Originally published in Journal of Creation 16, no 2 (August 2002): 110-113.
Living bacteria and dormant stages of bacteria known as spores, have been found in many sediments with reported ages of up to hundreds of million years. It is difficult to prove that these ancient bacteria were laid down during sedimentation (autochthonous origin) since it is also difficult to exclude the possibility that they entered the sediments later in time (allochthonous origin), or that they are sample contaminants.
Viable spores, with proven autochthonous origin, have recently been isolated from water inclusions in the late Permian Salado evaporite, New Mexico (USA). This evaporite has been dated at 250 Ma. However, current rates of bacterial life decay (the decrease in the number of viable spores with time) do not support the age of 250 Ma. Instead, these decay rates indicate an age for the Permian Salado salt layer of less than 35,000 years.
Age estimates based on bacterial decay rates are qualitative or semi-quantitative at best. Nevertheless, improved age estimates for the Salado evaporite might be possible by estimating the average temperature of the Salado evaporite and determining the decay rate of the bacterium Bacillus marismortui under conditions representative for water inclusions.
Bacteria are present virtually everywhere on earth, many types surviving and even flourishing under extreme conditions such as pressurized water above 110°C, ice below -10°C, acids at pH values down to 2 and bases at pH values up to 13, and environments without oxygen, feeding on essentially everything including those inorganic nutrients available around mid-ocean hot springs. They even survive for long periods of time as spores without any nutrients.1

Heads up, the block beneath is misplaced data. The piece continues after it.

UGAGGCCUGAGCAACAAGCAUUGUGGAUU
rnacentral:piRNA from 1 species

The presence of live bacteria in sediments has been the subject of study for almost a century. Autochthonous origin, the availability of nutrients over a long period of time, and contamination of the samples during sampling and handling are still subjects of dispute. During the ’70s, viable spores of a thermophilic (heat loving) bacterium were discovered in lake sediments with radiocarbon ages of 7 Ka or more. The likelihood of the sediments being contaminated with this bacterium later in time was excluded, as the sediments had never exceeded 35°C, the minimum temperature required for germination of this specific type of thermophilic bacterium. Another well-known example is the isolation of bacteria from the gut of a frozen Siberian mastodon, radio-dated at 11 Ka. These and other studies point to a maximum life-span for autochthonous bacteria in recent sediments of around 10,000 radiocarbon years, assuming the absence of significant metabolic activity.1
The presence of bacteria in remote oil wells has been established, whereas the origin of these bacteria remains unsolved.
A point of controversy is the age of bacteria trapped in pre-Pleistocene Phanerozoic sediments. Once again the presence of bacteria is reported deep below the earth’s surface and in several types of deposits, including coal and oil layers and evaporites with reported ages up to 650 Ma. Evidence for autochthonous origin has not generally been accepted, as it is difficult to exclude allochthonous origin or contamination during sampling and handling.1,2,3 For example, the presence of bacteria in remote oil wells has been established, whereas the origin of these bacteria remains unsolved. These may have been trapped during the formation of the oil or have been transported by aquifer activity, or they may have migrated over tens to hundreds of millions of years.4